Yo punk! I’m coming for ya!


All disease begins in the gut.

– Hippocrates


This is not going to be a long post, something I’m sure many of you are grateful for;) But it is an extremely important one because what you learn today will serve as a foundation for many of the posts to come.

Endotoxemia is something I have been intensely studying because it promises to unravel the mystery behind what we commonly know as the diseases of civilization: type-two diabetes, obesity, liver disease, cardiovascular disease, etc.

This hypothesis postulates that the translocation of gram-negative bacteria and their cell-wall remnants from the gut is the proximate cause of the low-grade inflammatory response that underlie these metabolic disorders.

If true, then it would mean that preventing an overgrowth of these pathogens in the small intestine and colon and stopping them from crossing the gut wall into systemic circulation is the key to preventing these diseases.

Before I go any further, we need to revisit the cellular structure of gram-negative bacteria that I first explored in my post on plant lectins.

Gram-positive bacteria have a thick, exposed cellular wall called the peptidoglycan and it’s this part of the bacteria that retains a crystal-violet dye when stained in a laboratory therefore appearing blue under the microscope. Gram-negative bacteria, however, have a thin peptidoglycan layer sandwiched between an inner membrane and an outer membrane and it’s this outer membrane that can’t retain the dye or be agglutinated by lectins like wheat germ agglutinin.

It’s also this outer membrane that contains highly toxic components called endotoxins or lipopolysaccharides or LPS for short. LPSs are large molecules composed of both lipids and saccharides.

The facial hair that our threatening bacterial dude is sporting at the top of this post is a crude, albeit kind of cute, representation of LPS. But for the sake of accuracy, here is an actual illustration of the gram-negative bacterial cell wall:


Courtesy of Wikipedia.com


Notice those hair-like structures extending from the outer membrane? Those are lipopolysaccharides. These molecules provoke powerful immune reactions in animals and humans. As inflammation is a necessary part of the immune response, whenever our immune system encounters lipopolysaccharides, inflammation always occurs.

A complex network of more than 100 signaling proteins called cytokines is engaged to marshal the resources of the immune system to fight them. Some cytokines you may have heard of include the interleukins, interferons and members of the tumor necrosis family.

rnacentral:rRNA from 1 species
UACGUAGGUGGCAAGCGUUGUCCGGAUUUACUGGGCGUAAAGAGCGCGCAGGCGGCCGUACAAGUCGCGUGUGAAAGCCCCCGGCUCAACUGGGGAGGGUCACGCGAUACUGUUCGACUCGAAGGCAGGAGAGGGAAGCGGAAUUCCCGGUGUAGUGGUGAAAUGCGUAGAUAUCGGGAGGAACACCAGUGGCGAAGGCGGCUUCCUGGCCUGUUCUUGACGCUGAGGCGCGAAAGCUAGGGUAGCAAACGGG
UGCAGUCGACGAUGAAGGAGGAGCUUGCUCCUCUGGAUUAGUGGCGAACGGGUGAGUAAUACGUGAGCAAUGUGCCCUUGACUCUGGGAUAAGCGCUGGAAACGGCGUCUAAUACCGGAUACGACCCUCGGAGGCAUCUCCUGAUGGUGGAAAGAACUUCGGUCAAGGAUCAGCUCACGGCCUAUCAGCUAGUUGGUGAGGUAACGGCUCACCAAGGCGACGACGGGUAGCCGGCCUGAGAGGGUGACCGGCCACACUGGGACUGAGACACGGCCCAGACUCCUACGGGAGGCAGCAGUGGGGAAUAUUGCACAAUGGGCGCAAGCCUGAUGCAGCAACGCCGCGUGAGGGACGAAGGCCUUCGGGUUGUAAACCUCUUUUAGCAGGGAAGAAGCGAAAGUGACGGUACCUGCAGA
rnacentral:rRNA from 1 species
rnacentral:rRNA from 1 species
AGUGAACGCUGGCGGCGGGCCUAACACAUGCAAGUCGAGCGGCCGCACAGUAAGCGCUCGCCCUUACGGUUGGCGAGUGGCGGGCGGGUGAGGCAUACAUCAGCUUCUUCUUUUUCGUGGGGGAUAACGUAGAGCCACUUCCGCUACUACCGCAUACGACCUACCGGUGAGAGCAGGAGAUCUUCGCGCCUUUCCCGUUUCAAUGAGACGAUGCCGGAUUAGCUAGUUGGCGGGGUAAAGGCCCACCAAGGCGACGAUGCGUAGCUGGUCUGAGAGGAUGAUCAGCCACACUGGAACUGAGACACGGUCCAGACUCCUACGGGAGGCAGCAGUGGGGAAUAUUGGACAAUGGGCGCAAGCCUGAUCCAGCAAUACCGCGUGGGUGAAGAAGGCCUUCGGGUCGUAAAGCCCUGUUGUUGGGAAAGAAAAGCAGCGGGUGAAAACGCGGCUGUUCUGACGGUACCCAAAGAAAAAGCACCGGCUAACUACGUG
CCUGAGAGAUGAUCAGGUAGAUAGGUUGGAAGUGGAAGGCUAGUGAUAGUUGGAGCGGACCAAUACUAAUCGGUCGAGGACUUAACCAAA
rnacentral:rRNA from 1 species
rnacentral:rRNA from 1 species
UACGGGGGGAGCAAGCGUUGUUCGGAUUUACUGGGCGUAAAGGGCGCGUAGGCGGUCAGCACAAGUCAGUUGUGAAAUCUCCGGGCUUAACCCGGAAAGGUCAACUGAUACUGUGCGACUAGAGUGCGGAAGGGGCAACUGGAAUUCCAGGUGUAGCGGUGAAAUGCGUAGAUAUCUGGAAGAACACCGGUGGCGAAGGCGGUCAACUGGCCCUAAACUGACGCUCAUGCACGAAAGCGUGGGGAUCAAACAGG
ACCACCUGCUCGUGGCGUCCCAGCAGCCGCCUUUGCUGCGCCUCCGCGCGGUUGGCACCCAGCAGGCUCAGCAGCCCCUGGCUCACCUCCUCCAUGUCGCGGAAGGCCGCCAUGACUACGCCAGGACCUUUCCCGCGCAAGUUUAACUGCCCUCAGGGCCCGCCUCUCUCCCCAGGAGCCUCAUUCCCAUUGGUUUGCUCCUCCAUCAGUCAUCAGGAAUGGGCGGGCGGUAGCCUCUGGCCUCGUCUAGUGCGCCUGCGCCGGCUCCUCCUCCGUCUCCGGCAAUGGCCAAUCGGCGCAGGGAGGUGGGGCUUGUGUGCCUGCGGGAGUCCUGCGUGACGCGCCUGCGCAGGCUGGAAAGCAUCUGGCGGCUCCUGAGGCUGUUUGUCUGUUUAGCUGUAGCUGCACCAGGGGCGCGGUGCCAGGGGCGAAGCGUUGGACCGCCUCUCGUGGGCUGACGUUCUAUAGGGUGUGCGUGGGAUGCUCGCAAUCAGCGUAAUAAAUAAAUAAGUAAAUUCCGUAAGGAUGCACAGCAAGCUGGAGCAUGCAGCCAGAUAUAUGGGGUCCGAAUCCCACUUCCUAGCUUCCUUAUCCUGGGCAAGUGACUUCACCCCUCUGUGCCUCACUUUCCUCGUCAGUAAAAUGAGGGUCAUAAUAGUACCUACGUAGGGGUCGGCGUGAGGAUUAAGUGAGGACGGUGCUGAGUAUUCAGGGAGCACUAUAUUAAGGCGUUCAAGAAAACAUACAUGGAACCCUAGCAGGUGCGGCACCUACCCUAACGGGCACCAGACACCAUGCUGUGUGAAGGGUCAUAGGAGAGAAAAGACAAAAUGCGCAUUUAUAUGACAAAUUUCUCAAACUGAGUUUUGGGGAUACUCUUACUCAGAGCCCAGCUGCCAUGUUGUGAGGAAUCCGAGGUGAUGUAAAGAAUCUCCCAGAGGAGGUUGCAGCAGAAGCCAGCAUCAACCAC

What’s interesting about these LPSs is the fact that even after the gram-negative bacteria has been destroyed, these molecules still provoke an immune response. If enough of these remnants enter the blood, sepsis or blood poisoning is the result and the prognosis for recovery is not very good.

Inflammation is part of our immune response to threats. Without it, you would be defenseless against a whole host of pathogens. However, with inflammation comes the potential for damage to surrounding cells and tissues. This isn’t a real problem if the inflammatory response is limited in duration. The body is remarkably capable of healing whatever collateral damage was caused by an acute immune response.

An example of this is the common cold. That miserable feeling you experience is not caused by the cold virus, but by your immune system’s response to it. And raw, inflamed sinuses and nasal passages are the result. Once the cold is over, these mucosal surfaces heal and return to normal.

Not always so in chronic inflammation. Here the immune system continues to respond but for an extended period. In certain cases, even if the immune response ceases, the damage to surrounding tissue can be permanent and in the case of cancer initiation, potentially deadly.

What the theory of endotoxemia proposes is that the chronic inflammation that underlies many illnesses is provoked and sustained by these endotoxins. Where the inflammation manifests itself depends on where these LPS fragments end up. If in the liver, liver disease. If the arteries, cardiovascular disease. If the kidneys, kidney disease.

So the question that should be in the minds of those who have read this blog for any length of time is this: what are gram-negative bacteria doing in the small intestine and how is it possible that they are crossing the gut wall to gain access to systemic circulation?

The only species of bacteria that should colonize the small intestine are friendly gram-positive Lactobacillus.

As you recall from my small intestinal bacterial overgrowth (SIBO) series, the only reasons gram-negative bacteria have colonized your small intestine is:

  • because there has been a breach in the stomach or gastric barrier defense or
  • these pathogens have migrated from the colon because of impaired peristalsis or
  • you are eating a diet that promotes either of the above two conditions or
  • your beneficial small intestinal gut flora population is disordered or
  • all the above.

So Ray, are you saying that those factors that predispose to SIBO can also predispose to these serious diseases as well?

Ding, ding, ding…..you win the Buick.


The next post will cover the role endotoxemia plays in the initiation of certain liver diseases.



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